Life and Religion
|6 discussions couples should have about money|
|Economics and finance impact romance|
|Published Wednesday, July 24, 2013 9:10 am|
|When dating someone new and things are still fresh and exciting, discussing practical issues like finances can be an awkward bore. However, these are conversations we cannot avoid because finances impact romance.|
When it comes to dating, we like to focus on the fun and sexy parts, especially in the beginning.
When things are still fresh and exciting, dealing with all those boring, practical aspects of a relationship can be a drag. However all that background information like where a person is from and what their family is like is important from the moment we begin considering if they are “the one.”
This is particularly true when it comes to attitudes about money and spending. We’d like to think that it shouldn’t matter how much money a person makes or what they can afford to buy. And maybe it shouldn’t matter, but in reality it does. Economics impact our romantic relationships more than many of us would like to admit. So it’s no wonder that finances are often cited as a top cause of divorce in the United States.
So in a new relationship, what are some of the discussions we should have to help avoid the economic pitfalls of romance? Here are the eight discussions every couple should have about money.
One party hears “Saturday night date” and thinks about pizza and a movie. The other party thinks five-star dining and live theater. This is a stark difference in expectations that needs to be addressed because these expectations or preferences have economic implications.
Don’t be afraid to talk about your expectations and the cost of different activities because this will continue to come up as the relationship progresses. For instance, there will be shared expenses during holidays and vacations. So take the time to set expectations in beginning.
After discussing the costs of what you do as a couple, the next decision to make is how to pay for what you do. Who is picking up the tab? Some couples believe in splitting everything, and others feel that if one party can afford to more he or she should pay more. It’s best to talk openly about this early in the relationship to avoid awkward moments and feelings of resentment, etc.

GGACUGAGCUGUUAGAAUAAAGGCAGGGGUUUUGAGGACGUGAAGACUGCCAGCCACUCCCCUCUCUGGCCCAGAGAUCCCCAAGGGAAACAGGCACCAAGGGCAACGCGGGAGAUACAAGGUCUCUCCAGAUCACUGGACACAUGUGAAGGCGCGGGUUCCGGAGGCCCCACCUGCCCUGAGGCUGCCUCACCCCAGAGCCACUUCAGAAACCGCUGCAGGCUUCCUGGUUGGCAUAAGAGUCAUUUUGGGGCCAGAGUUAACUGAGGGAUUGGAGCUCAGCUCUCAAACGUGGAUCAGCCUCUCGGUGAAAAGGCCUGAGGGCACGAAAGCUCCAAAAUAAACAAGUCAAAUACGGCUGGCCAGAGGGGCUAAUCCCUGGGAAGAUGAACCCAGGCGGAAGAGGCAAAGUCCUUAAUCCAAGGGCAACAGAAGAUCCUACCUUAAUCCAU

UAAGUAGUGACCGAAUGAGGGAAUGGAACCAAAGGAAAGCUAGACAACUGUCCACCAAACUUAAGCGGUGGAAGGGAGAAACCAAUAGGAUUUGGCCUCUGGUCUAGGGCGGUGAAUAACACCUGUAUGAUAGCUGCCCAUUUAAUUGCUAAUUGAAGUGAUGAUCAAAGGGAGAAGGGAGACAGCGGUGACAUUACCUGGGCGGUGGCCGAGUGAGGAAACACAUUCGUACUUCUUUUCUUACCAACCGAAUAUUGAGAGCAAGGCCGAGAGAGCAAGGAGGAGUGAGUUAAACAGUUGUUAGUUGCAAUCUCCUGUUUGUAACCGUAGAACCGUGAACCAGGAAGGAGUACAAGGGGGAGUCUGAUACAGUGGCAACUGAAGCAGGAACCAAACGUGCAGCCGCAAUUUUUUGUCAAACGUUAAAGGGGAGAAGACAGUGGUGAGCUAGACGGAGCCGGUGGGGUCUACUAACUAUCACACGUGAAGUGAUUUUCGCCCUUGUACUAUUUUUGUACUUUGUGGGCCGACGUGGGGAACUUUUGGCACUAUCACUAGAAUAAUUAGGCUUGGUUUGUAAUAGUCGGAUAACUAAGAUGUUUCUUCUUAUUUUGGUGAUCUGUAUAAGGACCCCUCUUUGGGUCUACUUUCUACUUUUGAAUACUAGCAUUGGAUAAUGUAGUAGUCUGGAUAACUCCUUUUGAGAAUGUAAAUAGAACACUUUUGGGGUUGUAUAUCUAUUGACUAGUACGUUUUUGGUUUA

We are not always paired up with our financial equals, and disparities in economic resources can feed insecurities if you let them. It’s important to remember that your identity isn’t linked to your bank balance and neither is your partner’s. But if one of you has an issue with making less money than the other, this is an issue that needs some attention.
4. Life experiences
If you and your partner grew up in different economic circumstances, then you likely had different childhood experiences, including travel and recreational activities. These life experiences impact your taken-for-granted assumptions as well as your preferences. It’s important to be sensitive to these differences and acknowledge them so they can be addressed.
You may have traveled a lot and been exposed to many different cultures that have introduced you to new ideas and broadened your world perspective. However, you can’t assume that your partner has had similar experiences. So if he or she doesn’t know what some food item is in a French restaurant or some exotic ingredient on an episode of Chopped, tell them nicely. Don’t disparage them. The more important issue is whether or not you’re interested in the experiences the other person has had and the potential for growth and learning in the future.
5. Other people
Friends and relatives love giving their two cents when we’re dating someone new, but be certain to manage the tone of those conversations. If you’re dating someone of a different socio-economic status be careful of falling into stereotyped ways of talking with friends and family, or endorsing it if they resort to inappropriate clichés to describe your partner or relationship.
While it’s important to be aware of how economics come into play when you’re dating, but don’t try to overcompensate for differences. This can happen in a variety of ways including, overspending and making your partner feel like a charity case, being overly frugal in order to disavow differences in economic means or pretending you’ve had life experiences that you haven’t. Just be open and honest about how you feel. Above all else, be your self.
Patricia Leavy is an expert commentator and acclaimed pop-feminist author. Dr. Leavy has appeared on national and local television and is regularly quoted in international, national and local print news publications such as The New York Times, USA Today, The Boston Globe, and The Los Angeles Times. For more information please visit her website: www.patricialeavy.com
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